In this paper, pastiche scenarios have been used to for three purposes and explained in details by three interesting case studies:
- Pastiche scenarios are used to explore ‘felt-life’ issues.
- Pastiche scenarios are particularly valuable in participatory design situations, since they engage users in the way that characters in novels might.
- pastiche scenarios can be used to explore social and cultural issues with imagined technology.
I am more interested in exploring the third purpose and appropriate it by using films.
- Design Documentaries: Inspiring Design Research Through Documentary Film by Bas Raijmakers, William W. Gaver, Jon Bishay
I liked how they started. Their approach really helped me articulate why I chose ‘films’ as a medium to understand and explore cultural and social issues.
One specific quote that resonated the most with me –
” We suggest that, for design research in HCI, film can be much more than a note-taking tool; we can use it as a means to explore, understand and present the everyday, and benefit from film’s capabilities to preserve ambiguities and paradoxes instead of resolving them into univocal conclusions.”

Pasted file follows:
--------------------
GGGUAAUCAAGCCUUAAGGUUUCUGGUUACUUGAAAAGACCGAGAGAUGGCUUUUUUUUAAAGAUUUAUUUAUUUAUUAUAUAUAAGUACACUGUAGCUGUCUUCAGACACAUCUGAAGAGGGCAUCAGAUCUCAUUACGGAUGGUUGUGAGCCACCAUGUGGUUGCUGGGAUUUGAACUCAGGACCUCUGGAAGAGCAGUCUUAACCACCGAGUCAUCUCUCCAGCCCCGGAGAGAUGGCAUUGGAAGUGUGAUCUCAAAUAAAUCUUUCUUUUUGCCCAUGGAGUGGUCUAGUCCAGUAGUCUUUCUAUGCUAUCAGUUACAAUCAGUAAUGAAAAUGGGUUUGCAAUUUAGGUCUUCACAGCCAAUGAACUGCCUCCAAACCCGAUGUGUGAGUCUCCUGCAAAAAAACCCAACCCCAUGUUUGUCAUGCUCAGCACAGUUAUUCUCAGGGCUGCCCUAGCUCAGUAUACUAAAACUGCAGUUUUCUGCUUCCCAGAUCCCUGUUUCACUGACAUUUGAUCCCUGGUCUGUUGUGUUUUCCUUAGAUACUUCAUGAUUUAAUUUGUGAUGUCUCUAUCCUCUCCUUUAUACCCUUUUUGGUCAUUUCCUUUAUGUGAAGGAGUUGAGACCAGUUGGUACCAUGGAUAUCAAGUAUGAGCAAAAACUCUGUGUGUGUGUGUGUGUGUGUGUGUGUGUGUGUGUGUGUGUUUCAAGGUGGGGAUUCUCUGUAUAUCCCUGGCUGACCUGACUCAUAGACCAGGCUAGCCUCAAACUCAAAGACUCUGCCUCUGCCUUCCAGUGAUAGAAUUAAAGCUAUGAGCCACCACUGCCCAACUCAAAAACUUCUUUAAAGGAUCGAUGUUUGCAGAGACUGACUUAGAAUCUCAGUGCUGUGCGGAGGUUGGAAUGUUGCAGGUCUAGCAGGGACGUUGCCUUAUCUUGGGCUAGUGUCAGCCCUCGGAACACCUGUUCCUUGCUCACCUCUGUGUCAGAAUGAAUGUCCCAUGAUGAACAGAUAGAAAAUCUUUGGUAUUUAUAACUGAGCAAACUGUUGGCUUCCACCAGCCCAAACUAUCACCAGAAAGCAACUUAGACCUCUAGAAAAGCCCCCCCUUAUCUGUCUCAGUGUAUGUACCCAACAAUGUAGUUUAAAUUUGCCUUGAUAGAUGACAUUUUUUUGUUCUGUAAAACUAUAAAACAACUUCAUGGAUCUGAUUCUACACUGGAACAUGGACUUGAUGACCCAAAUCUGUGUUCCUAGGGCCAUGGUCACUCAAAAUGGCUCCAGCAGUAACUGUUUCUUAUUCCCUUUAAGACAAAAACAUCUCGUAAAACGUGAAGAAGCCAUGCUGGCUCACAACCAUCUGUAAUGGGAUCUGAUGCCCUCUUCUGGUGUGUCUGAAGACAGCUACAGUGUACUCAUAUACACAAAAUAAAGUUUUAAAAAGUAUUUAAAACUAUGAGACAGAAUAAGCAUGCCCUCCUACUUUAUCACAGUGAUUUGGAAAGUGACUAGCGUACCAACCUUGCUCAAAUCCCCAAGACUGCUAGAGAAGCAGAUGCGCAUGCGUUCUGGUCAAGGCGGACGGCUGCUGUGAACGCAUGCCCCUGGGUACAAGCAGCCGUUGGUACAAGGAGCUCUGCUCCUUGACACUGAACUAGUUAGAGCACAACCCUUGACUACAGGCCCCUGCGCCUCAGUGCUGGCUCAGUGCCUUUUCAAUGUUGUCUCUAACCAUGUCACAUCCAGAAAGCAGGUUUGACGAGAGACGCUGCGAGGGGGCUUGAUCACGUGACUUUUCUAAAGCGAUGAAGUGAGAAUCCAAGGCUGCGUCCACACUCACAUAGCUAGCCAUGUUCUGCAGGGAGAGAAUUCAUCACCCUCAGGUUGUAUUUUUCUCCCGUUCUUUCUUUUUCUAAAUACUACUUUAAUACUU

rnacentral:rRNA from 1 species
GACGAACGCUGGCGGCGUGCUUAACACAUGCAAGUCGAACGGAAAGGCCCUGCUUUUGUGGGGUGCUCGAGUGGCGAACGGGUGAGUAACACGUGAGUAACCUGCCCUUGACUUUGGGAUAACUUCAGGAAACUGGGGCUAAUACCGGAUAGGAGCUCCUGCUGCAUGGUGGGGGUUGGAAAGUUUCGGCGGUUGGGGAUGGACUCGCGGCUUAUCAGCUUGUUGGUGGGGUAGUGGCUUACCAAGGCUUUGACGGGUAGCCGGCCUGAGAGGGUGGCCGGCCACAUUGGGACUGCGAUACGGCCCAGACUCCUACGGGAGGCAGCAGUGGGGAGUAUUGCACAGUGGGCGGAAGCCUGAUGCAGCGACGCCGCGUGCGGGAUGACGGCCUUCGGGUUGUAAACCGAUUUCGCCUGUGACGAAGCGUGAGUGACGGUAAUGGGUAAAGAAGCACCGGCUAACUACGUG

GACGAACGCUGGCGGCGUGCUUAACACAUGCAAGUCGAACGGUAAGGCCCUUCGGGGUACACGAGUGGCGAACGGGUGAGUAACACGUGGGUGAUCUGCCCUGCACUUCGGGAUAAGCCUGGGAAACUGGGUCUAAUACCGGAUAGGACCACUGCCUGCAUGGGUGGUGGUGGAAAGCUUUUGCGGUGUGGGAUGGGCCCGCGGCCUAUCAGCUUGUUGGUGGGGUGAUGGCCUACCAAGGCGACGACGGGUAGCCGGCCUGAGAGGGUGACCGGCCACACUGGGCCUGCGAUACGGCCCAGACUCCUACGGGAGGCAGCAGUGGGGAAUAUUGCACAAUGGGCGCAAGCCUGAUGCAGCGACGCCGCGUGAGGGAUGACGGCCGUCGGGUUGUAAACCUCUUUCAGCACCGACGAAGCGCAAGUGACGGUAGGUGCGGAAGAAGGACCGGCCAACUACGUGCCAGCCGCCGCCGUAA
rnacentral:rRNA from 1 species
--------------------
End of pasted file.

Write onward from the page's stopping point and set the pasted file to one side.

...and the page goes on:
I am planning to make a card deck of film instances and conduct a small activity of ideating and exploring different possible technological solutions.
My intention is to help designers empathize with and consider different cultural and social issues that could shape the usage of the technology they design.
” It is possible for designers to shape how technology is used but not to determine it.” – Mark A. Blythe and Peter C. Wright in ‘ Pastiche scenarios: Fiction as a resource for user centered design’.
Besides these, few papers that I am planning to refer are:
- Critical And Cultural Approaches To HCI by Jeffery Bardzell
- ‘‘A great and troubling beauty’’: cognitive speculation and ubiquitous computing Jeffrey Bardzell, Shaowen Bardzell
- Interaction criticism: An introduction to the practice Jeffrey Bardzell
- MACHINIMATIC REALISM: CAPTURING AND PRESENTING THE “REAL WORLD” OF VIDEO GAMES Jeffrey Bardzell
- Cinema and touch
- Crafting User Experiences by Incorporating Dramaturgical Techniques of Storytelling
- A User-Centric Adaptive Story Architecture – Borrowing from Acting Theories
- Elliot W. Eisner, connoisseurship, criticism and the art of education
These are some of the collection I have. I am going to refer readings from Foundations, Experience design and Interaction culture paper.
If you have some advice on the paper, or suggestions, or critique, I will be happy to receive it .. 🙂